And the eternal law of god which orders the powers

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and the eternal law of God which orders the powers that be, removing a tyrant is lawful as he has ceded his claim to being a lawful authority by acting contrary to law. The Summa, Part III: Christ The way which leads to God is Christ, and Christ is the theme of part III. It can be asserted that the incarnation was absolutely necessary. The Unio between the Logos and the human nature is a "relation" between the divine and the human nature which comes about by both natures being brought together in the one person of the Logos. An incarnation can be spoken of only in the sense that the human nature began to be in the eternal hypostasis of the divine nature. So Christ is unum since his human nature lacks the hypostasis. The person of the Logos, accordingly, has assumed the impersonal human nature, and in such way that the assumption of the soul became the means for the assumption of the body. This union with the human soul is the gratia unionis which leads to the impartation of the gratia habitualis from the Logos to the human nature. Thereby all human potentialities are made perfect in Jesus. Besides the perfections given by the vision of God, which Jesus enjoyed from the beginning, he receives all others by the gratia habitualis. In so far, however, as it is the limited human nature which receives these perfections, they are finite. This holds both of the knowledge and the will of Christ. The Logos impresses the species intelligibiles of all created things on the soul, but the intellectus agens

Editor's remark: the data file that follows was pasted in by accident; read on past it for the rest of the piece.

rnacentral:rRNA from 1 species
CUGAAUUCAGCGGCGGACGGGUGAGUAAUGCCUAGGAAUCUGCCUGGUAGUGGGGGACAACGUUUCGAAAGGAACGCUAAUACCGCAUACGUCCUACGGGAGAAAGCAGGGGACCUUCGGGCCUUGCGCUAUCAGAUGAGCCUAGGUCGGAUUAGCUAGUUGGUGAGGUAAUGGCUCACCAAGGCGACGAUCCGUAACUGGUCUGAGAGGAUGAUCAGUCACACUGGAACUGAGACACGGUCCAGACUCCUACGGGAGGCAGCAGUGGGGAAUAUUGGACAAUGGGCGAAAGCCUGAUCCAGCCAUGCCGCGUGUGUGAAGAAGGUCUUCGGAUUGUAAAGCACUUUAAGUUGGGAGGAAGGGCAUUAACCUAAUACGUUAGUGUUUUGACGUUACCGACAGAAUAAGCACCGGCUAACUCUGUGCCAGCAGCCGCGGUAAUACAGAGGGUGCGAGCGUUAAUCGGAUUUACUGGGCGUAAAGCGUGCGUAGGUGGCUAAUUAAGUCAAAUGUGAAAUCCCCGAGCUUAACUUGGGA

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transforms them gradually into the impressions of sense. On another side the soul of Christ works miracles only as instrument of the Logos, since omnipotence in no way appertains to this human soul in itself. Concerning redemption, Aquinas teaches that Christ is to be regarded as redeemer after his human nature but in such way that the human nature produces divine effects as organ of divinity. The one side of the work of redemption consists herein, that Christ as head of humanity imparts ordo , perfectio , and virtus to his members. He is the teacher and example of humanity; his whole life and suffering as well as his work after he is exalted serve this end. The love wrought hereby in men effects, according to Luke vii. 47, the forgiveness of sins. This is the first course of thought. Then follows a second complex of thoughts which has the idea of satisfaction as its center. To be sure, God as the highest being could forgive sins without satisfaction; but because his justice and mercy could be best revealed through satisfaction he chose this way. As little, however, as satisfaction is necessary in itself, so little does it offer an equivalent, in a correct sense, for guilt; it is rather a "superabundant satisfaction", since on account of the divine subject in Christ in a certain sense his suffering and activity are infinite. With this thought the strict logical deduction of Anselm's theory is given up. Christ's suffering bore personal character in that it proceeded "out of love and obedience". It was an offering brought to God, which as personal act had the character of merit. Thereby Christ "merited" salvation for men. As Christ, exalted, still influences men, so does he still work in their behalf continually in heaven through the intercession ( interpellatio ). In this way Christ as head of humanity effects the forgiveness of their sins, their reconciliation with God, their immunity from punishment, deliverance from the devil, and the opening of heaven's gate. But
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